4.14 Prohibited Conduct

(Amended 1/29/21; 7/8/21; 8/13/21; 9/2/22; 9/23/22)

4.14(1) Relevant Terms and Definitions

The following terms and definitions are relevant to understanding prohibited conduct in this section.

  1. "Consent." Consent is knowing, voluntary, and clear permission by word or unambiguous action to engage in sexual activity.

    Since individuals may experience the same interaction in different ways, it is the responsibility of each party to determine that the other has consented before engaging in the activity. 

    If consent is not clearly provided prior to engaging in the activity, consent may be ratified by word or action at some point during the interaction.

    For consent to be valid, there must be a clear expression in words or actions that the other individual consented to that specific sexual conduct. Reasonable reciprocation can be implied. For example, if someone kisses you, you can kiss them back (if you want to) without the need to explicitly obtain their consent to being kissed back.

    Consent can also be withdrawn once given, as long as the withdrawal is reasonably communicated. If there is confusion as to whether anyone has consented or continues to consent to sexual activity, the participants must stop the activity until each consents to it.

    Consent to some sexual contact (such as kissing or fondling) cannot be presumed to be consent for other sexual activity (such as intercourse). A current or previous intimate relationship is not sufficient to constitute consent.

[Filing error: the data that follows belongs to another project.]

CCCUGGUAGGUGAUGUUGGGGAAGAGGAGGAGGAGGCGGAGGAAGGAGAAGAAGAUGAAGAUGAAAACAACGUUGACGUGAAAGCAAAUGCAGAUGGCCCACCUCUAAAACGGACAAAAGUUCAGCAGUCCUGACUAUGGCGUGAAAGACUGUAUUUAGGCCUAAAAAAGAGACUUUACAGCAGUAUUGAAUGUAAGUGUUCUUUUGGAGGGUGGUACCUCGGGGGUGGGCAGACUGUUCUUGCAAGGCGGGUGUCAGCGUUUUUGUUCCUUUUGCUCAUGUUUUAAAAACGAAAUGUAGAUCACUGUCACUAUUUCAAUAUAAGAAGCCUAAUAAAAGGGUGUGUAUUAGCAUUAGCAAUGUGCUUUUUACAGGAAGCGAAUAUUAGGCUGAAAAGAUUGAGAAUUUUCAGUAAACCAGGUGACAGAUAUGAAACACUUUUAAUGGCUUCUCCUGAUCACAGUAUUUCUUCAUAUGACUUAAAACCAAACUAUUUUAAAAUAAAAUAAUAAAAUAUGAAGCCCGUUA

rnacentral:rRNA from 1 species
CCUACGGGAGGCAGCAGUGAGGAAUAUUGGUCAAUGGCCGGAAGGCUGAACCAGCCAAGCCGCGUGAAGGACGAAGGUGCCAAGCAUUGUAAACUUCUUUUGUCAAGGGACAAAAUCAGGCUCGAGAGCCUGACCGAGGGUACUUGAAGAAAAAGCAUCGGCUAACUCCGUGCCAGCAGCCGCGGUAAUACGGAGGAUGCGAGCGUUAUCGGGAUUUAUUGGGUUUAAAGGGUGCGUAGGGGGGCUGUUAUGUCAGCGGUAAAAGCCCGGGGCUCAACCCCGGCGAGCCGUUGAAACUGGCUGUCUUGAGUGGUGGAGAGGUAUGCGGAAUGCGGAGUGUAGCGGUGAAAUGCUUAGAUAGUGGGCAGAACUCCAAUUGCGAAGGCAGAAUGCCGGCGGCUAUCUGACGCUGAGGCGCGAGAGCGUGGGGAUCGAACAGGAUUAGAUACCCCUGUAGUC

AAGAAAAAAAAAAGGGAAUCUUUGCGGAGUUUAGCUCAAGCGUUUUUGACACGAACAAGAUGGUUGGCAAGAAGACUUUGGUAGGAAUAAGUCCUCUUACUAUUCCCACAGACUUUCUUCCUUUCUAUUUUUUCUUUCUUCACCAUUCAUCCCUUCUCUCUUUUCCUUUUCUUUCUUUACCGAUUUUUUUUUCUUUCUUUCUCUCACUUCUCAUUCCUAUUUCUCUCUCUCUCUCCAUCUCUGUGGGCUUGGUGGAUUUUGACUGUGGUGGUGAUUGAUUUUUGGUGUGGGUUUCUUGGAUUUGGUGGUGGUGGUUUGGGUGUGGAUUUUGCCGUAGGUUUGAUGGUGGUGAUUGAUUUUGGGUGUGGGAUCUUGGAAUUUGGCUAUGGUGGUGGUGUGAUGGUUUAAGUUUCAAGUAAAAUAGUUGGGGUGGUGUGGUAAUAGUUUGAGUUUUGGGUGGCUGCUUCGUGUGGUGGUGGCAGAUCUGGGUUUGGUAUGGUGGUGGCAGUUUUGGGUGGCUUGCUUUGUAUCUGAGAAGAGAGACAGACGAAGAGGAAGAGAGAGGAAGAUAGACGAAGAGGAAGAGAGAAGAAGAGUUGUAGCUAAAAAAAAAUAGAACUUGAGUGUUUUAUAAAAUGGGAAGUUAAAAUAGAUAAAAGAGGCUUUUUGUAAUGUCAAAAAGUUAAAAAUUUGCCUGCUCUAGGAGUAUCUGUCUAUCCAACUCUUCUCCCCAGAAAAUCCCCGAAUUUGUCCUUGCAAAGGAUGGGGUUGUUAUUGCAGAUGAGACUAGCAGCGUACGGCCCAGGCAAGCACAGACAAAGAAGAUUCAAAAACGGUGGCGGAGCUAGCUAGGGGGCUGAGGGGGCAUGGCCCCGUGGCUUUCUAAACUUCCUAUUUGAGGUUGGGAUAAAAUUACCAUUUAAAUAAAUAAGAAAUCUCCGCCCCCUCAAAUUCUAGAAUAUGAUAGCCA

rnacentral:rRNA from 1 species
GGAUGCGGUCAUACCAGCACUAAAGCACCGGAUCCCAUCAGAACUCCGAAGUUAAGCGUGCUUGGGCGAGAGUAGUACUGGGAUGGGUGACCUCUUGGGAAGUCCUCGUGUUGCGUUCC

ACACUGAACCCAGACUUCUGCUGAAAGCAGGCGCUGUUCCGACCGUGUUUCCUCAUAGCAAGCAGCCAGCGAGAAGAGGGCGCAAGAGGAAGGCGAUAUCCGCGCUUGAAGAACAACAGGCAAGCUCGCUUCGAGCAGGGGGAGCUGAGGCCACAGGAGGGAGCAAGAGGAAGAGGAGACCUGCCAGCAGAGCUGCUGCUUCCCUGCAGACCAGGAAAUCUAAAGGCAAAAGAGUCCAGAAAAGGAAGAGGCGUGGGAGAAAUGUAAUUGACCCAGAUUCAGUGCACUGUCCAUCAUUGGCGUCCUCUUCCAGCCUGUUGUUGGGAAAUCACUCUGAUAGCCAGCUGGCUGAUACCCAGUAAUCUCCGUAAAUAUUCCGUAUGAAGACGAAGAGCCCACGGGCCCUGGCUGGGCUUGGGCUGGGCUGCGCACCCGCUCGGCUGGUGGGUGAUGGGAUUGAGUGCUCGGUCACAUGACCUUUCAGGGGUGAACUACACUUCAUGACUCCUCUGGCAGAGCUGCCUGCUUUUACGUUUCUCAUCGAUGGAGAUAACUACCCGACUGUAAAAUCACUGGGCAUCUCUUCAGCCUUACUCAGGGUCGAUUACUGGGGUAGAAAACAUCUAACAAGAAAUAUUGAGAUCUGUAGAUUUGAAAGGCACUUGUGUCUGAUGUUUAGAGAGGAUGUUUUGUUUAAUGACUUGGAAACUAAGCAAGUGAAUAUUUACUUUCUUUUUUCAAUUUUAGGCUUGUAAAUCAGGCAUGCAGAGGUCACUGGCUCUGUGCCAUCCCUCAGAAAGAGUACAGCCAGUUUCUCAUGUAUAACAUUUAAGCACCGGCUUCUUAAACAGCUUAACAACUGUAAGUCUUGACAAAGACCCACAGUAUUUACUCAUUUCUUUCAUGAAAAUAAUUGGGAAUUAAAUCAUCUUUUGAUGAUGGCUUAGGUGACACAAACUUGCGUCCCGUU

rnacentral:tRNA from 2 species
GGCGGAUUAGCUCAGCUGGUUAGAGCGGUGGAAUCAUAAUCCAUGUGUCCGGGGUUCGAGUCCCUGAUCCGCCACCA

The existence of consent is based on the totality of the circumstances evaluated from the perspective of a reasonable person in the same or similar circumstances, including the context in which the alleged incident occurred and relationship between the parties.

    Consent in relationships must also be considered in context. When parties consent to BDSM or other forms of kink, non-consent may be shown by the use of a safe word. Resistance, force, violence, or even saying “no” may be part of the kink and thus consensual, so the University of Iowa’s evaluation of communication in kink situations should be guided by reasonableness, rather than strict adherence to policy that assumes non-kink relationships as a default.
  2. "Incapacitation." Incapacitation occurs when someone cannot make rational, reasonable decisions because they lack the capacity to give knowing/informed consent (e.g., to understand the “who, what, when, where, why, or how” of their sexual interaction). A person cannot consent if they are unable to understand what is happening or are disoriented, helpless, asleep, or unconscious, for any reason, including by alcohol or other drugs (including medication). Subsequent memory loss alone, which may not be observable at the time of events, is not sufficient to establish that someone was incapacitated.

    Incapacitation is determined through consideration of all relevant indicators of the complainant’s state and is not synonymous with intoxication, impairment, blackout, and/or being drunk. As stated above, a respondent violates this policy if they engage in sexual activity with someone who is incapable of giving consent. This policy covers a person whose incapacity results from:
    1. A temporary or permanent physical or mental health condition,
    2. Involuntary physical restraint, and/or
    3. The consumption of alcohol or drugs.  
    It is a defense to a sexual harassment and sexual misconduct policy violation that the respondent neither knew nor should have known the complainant to be physically or mentally incapacitated, regardless of the reason. A determination whether a respondent “should have known” that a complainant was incapacitated is made by looking at the particular facts available from an objective, reasonable-person standard. The definition of “a reasonable person” includes a person who is both sober and exercising sound judgment.